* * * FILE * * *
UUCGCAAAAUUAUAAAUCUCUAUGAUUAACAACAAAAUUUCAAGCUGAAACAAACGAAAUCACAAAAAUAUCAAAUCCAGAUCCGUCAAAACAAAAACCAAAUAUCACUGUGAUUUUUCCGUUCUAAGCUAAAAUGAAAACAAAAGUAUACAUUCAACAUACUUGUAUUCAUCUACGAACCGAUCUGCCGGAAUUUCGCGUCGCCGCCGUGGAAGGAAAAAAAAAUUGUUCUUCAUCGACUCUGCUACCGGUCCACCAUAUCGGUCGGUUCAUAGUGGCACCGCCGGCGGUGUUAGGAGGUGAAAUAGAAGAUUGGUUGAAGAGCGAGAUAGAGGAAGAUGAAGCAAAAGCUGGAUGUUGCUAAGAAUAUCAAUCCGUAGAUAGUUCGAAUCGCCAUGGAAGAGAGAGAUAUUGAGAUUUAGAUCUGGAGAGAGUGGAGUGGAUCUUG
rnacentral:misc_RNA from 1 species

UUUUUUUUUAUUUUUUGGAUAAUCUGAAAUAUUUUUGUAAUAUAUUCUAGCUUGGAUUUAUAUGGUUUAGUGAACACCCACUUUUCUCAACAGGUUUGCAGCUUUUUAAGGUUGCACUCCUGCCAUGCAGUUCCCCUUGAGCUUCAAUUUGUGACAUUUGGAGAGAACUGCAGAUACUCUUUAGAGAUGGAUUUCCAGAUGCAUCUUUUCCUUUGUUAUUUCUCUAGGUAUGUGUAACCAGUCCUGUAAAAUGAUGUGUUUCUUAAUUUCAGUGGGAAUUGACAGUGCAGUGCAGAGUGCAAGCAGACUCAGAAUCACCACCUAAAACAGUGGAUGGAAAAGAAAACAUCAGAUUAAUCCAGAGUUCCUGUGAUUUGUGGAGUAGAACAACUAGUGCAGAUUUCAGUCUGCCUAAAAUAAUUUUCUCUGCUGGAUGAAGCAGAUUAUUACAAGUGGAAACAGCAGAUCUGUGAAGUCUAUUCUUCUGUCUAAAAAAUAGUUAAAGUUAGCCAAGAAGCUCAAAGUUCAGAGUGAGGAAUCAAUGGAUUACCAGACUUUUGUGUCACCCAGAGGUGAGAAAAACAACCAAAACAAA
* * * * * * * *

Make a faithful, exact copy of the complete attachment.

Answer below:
UUCGCAAAAUUAUAAAUCUCUAUGAUUAACAACAAAAUUUCAAGCUGAAACAAACGAAAUCACAAAAAUAUCAAAUCCAGAUCCGUCAAAACAAAAACCAAAUAUCACUGUGAUUUUUCCGUUCUAAGCUAAAAUGAAAACAAAAGUAUACAUUCAACAUACUUGUAUUCAUCUACGAACCGAUCUGCCGGAAUUUCGCGUCGCCGCCGUGGAAGGAAAAAAAAAUUGUUCUUCAUCGACUCUGCUACCGGUCCACCAUAUCGGUCGGUUCAUAGUGGCACCGCCGGCGGUGUUAGGAGGUGAAAUAGAAGAUUGGUUGAAGAGCGAGAUAGAGGAAGAUGAAGCAAAAGCUGGAUGUUGCUAAGAAUAUCAAUCCGUAGAUAGUUCGAAUCGCCAUGGAAGAGAGAGAUAUUGAGAUUUAGAUCUGGAGAGAGUGGAGUGGAUCUUG
rnacentral:misc_RNA from 1 species

UUUUUUUUUAUUUUUUGGAUAAUCUGAAAUAUUUUUGUAAUAUAUUCUAGCUUGGAUUUAUAUGGUUUAGUGAACACCCACUUUUCUCAACAGGUUUGCAGCUUUUUAAGGUUGCACUCCUGCCAUGCAGUUCCCCUUGAGCUUCAAUUUGUGACAUUUGGAGAGAACUGCAGAUACUCUUUAGAGAUGGAUUUCCAGAUGCAUCUUUUCCUUUGUUAUUUCUCUAGGUAUGUGUAACCAGUCCUGUAAAAUGAUGUGUUUCUUAAUUUCAGUGGGAAUUGACAGUGCAGUGCAGAGUGCAAGCAGACUCAGAAUCACCACCUAAAACAGUGGAUGGAAAAGAAAACAUCAGAUUAAUCCAGAGUUCCUGUGAUUUGUGGAGUAGAACAACUAGUGCAGAUUUCAGUCUGCCUAAAAUAAUUUUCUCUGCUGGAUGAAGCAGAUUAUUACAAGUGGAAACAGCAGAUCUGUGAAGUCUAUUCUUCUGUCUAAAAAAUAGUUAAAGUUAGCCAAGAAGCUCAAAGUUCAGAGUGAGGAAUCAAUGGAUUACCAGACUUUUGUGUCACCCAGAGGUGAGAAAAACAACCAAAACAAA